This semester has been a really busy one for me. In addition to the typical work, I finished up a book, served on several very productive committees, and taught two sections of our information literacy class. All of this during a semester in which I lost most productive evening hours to napping, sleeping, or extra eating. Though I feel very good about the amount of work I completed this semester, I have missed reflecting on some of the larger issues in the field, staying as current as I have with technology trends, and thinking about where things are going.
Luckily, one of the very productive committees was focused on those very issues, so I had a good excuse to pay attention to what was going on in official channels, even if I wasn’t as involved in some of the more quickly paced back channels that discuss these issues. And now I’m trying to figure out what things to delve into next semester when the book is in its final stages, the committees are wrapping up, and I only have one information literacy class.
As I’ve been thinking through the things I’m most interested in, I keep coming back to how technology impacts our relationship to information and knowledge. Clearly, that’s evident in the instructional design work I do. But it pops up in other areas of interest as well. Several things that I’ve been interested in since joining the field have dealt with these issues. In addition to effectively teaching today’s students, issues about the future of publishing, digital scholarship, preservation of born digital objects, changes in information seeking behaviors all relate to this topic. The developments in the eReader field and in Google Wave are endlessly fascinating, as well.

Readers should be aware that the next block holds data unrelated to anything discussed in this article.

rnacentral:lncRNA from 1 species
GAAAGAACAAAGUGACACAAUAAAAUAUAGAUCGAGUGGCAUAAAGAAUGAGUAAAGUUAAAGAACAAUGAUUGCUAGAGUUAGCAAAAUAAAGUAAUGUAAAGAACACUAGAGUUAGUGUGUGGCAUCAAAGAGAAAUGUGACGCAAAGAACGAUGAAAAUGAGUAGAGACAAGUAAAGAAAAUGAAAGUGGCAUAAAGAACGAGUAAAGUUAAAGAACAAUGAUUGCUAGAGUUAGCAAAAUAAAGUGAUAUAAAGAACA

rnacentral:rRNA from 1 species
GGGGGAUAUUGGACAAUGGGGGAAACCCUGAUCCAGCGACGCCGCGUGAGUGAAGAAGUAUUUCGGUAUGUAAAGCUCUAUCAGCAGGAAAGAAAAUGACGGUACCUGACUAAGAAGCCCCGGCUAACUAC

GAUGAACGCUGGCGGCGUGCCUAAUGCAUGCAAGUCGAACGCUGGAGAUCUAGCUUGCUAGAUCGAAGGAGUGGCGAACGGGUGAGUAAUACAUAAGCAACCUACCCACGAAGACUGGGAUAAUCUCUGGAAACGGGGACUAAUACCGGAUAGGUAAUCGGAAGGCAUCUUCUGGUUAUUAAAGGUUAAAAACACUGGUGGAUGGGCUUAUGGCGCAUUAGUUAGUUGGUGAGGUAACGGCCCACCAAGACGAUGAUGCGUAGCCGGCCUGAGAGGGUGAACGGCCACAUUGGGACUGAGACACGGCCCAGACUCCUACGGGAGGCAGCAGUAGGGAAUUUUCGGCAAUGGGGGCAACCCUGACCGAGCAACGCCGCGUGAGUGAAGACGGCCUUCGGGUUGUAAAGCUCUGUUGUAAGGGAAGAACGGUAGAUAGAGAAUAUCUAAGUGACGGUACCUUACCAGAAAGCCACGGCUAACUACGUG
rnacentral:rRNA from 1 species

Of these topics, the one I feel furthest behind on is digital scholarship. So, on Friday night I asked my friends on Twitter for recommendations on recommended reading/websites for digital humanities. Karin Dalziel, among others, had some great recommendations. Two particularly useful lists that came through were Foundational Material in Digital History from Digital Clio and “Foundational” Texts in the Digital Humanities from The Transducer. The most interesting thing to me about these lists was that I had already read a number of texts, either when working on my Philosophy degree of my Library and Information studies one. All of those readings where a while ago, with a different perspective, so I’m thinking that working through these lists might be a holiday/Spring semester project for me.
Does anyone here work in these areas? Any readings on these lists you’d recommend jumping on first? Any other things you’d recommend checking out?